EDITORIAL: Inclusion campaign is first step in unity
U. efforts attempt to foster new thinking on campus
This past summer the Rutgers community set out to create a campaign that would ignite a sense of individuality among each student as well as foster an environment that is inclusive to everyone on campus.
This inclusion campaign, listed beneath the Diversity and Inclusion Initiatives page on the Rutgers Student Affairs website, is focusing on creating a “learning environment that serves as a melting pot of ideas and cultures … to enhance cross-cultural understanding, break down stereotypes, improve self awareness and prepare our students to be stronger, richer and more dynamic citizens.” And to do this, the campaign is centered on each student’s right to be an active member of the University community. In the touching and inspirational video for the campaign, students of different backgrounds, sexualities and faiths speak about the discrimination they have faced in their lives. The students then each say that they are “committed” to creating an environment at Rutgers where everyone is included and cared about.
Part of this initiative is the featured #RUIDProject, which showcases the diversity that Rutgers fosters among its students. Rutgers students, who wish to share their stories and experiences, including ways in which the University has changed and impacted their lives, contributed to this initiative.
Although this inclusion campaign is in full-effect by this time of the year, it is hard to imagine that some students are not looking at the campaign with some hesitation considering everything that has been happening around the University this year. From posters advocating for white supremacy being posted around the campuses to a Rutgers professor being investigated for anti-Semitic posts online, it is difficult for one to believe that this campaign is not achieving what it hopes to. Those who might express these concerns must look at the University community and face the realities that we live in.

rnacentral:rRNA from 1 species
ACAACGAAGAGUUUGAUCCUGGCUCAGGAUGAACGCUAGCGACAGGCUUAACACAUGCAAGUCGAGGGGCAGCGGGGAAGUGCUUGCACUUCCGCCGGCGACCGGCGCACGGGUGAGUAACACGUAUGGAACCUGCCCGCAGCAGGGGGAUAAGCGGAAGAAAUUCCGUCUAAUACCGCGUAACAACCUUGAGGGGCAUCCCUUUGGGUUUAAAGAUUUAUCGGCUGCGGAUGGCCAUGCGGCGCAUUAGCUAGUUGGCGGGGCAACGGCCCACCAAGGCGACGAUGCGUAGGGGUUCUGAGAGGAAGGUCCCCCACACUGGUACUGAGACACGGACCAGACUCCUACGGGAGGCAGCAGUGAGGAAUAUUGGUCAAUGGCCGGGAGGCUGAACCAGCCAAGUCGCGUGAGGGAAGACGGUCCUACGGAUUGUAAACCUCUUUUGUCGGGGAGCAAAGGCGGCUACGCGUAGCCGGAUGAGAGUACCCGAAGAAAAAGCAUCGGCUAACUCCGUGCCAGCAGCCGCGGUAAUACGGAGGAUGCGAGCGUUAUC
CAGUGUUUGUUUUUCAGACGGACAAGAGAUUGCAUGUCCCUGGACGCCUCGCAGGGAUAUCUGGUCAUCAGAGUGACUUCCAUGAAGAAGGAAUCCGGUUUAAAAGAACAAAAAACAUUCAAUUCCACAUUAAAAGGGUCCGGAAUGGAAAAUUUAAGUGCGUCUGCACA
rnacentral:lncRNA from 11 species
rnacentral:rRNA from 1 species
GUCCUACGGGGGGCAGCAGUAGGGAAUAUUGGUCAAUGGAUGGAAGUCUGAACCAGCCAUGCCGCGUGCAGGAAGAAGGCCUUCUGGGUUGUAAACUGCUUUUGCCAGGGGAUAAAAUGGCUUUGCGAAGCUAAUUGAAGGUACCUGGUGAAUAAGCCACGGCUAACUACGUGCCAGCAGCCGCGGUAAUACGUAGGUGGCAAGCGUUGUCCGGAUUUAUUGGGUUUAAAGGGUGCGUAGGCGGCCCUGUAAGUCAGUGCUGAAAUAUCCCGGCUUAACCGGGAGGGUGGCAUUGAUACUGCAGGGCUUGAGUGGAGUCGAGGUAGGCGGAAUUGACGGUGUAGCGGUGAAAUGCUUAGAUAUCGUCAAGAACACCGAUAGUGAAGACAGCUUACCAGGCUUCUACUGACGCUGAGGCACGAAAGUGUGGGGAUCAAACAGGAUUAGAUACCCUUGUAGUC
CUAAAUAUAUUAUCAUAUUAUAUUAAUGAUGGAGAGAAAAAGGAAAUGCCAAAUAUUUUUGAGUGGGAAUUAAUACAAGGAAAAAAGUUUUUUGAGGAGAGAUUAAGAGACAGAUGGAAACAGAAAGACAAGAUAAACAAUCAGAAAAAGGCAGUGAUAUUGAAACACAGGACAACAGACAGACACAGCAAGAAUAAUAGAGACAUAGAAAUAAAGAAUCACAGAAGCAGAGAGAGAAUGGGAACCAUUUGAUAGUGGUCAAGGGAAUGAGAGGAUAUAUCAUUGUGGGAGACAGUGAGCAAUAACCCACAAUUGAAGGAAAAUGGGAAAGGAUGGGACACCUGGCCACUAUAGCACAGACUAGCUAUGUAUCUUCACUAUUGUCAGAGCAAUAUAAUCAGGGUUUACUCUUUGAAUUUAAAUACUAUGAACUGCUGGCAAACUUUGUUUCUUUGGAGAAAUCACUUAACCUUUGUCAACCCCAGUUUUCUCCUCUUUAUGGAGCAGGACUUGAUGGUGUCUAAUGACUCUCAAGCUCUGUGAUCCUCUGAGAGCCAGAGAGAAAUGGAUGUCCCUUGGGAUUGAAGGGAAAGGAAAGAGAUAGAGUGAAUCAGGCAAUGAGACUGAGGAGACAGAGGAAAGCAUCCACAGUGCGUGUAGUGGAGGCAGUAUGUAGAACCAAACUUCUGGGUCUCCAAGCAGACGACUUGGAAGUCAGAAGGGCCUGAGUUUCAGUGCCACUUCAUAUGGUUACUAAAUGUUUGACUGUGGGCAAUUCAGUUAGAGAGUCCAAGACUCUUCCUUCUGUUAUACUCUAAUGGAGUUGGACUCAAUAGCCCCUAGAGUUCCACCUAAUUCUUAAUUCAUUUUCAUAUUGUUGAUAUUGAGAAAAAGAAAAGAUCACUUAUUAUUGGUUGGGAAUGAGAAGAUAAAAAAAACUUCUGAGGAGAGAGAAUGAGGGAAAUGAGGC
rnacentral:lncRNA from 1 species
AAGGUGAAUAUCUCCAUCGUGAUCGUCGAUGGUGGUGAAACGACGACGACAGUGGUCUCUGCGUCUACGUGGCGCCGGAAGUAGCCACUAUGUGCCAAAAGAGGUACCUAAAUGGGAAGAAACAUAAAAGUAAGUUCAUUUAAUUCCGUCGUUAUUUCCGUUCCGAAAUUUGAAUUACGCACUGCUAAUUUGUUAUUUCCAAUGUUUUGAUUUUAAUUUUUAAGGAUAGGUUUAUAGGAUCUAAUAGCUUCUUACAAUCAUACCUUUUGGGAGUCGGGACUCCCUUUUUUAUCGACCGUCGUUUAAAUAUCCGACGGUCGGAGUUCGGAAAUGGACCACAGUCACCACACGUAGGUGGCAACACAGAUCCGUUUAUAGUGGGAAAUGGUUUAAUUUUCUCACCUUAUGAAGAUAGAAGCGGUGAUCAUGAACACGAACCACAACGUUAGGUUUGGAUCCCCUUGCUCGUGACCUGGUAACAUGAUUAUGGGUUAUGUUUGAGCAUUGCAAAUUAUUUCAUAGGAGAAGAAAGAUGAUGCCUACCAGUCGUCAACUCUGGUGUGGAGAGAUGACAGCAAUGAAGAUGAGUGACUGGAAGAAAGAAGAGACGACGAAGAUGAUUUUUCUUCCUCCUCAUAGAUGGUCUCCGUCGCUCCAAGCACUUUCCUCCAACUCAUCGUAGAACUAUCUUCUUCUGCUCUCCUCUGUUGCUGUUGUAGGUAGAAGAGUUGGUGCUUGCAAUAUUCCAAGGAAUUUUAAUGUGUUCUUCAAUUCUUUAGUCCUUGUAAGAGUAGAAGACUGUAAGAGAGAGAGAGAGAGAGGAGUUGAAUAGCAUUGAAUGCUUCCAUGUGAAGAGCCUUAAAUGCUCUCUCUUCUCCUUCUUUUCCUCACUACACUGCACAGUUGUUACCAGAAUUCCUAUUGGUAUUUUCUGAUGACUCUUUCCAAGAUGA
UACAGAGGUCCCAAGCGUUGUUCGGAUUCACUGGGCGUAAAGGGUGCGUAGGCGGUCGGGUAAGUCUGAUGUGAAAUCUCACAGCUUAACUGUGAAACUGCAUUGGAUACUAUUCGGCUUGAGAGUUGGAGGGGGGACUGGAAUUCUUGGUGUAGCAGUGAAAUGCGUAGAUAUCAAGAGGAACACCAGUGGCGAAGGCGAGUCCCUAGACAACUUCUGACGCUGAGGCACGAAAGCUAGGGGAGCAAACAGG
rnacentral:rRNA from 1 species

The University is doing all that it can to send the message that it is intolerant of any discrimination or prejudice. It has issued statements condemning certain actions, and with initiatives such as this inclusion campaign, it is trying its best to foster an inclusive environment. But the fact of the matter is that at the end of the day there is only so much that the University can do.
With the series of messages and posters promoting hate found on campus, it is becoming clear that there are people on campus (or who have come to campus) that are not champions of inclusion and diversity. They feed off of a political ideology that encourages a hegemonic mindset that works against anyone who might be different. And for someone who has grown up on these ideals, it is difficult to open your mind to anything else. But does this mean that Rutgers should stop these initiatives and statements just because it probably will not deter these people? Of course not.
Rutgers must continue to handle discrimination as it does despite the fact that it might not change those with mindsets of extreme opposition to inclusion. They must do this because not only does it send the message that the University will be just as steadfast as these people, but also because initiatives like this can possibly make someone who is neutral lean toward new ideas regarding these matters. If someone who may not necessarily have been exposed to ideas of diversity and inclusion constantly sees the University fighting for these things, they might be more inclined to understand why these aspects are so important to the Rutgers community. And even though people’s minds might not change, at least those in support of diversity will come together even stronger.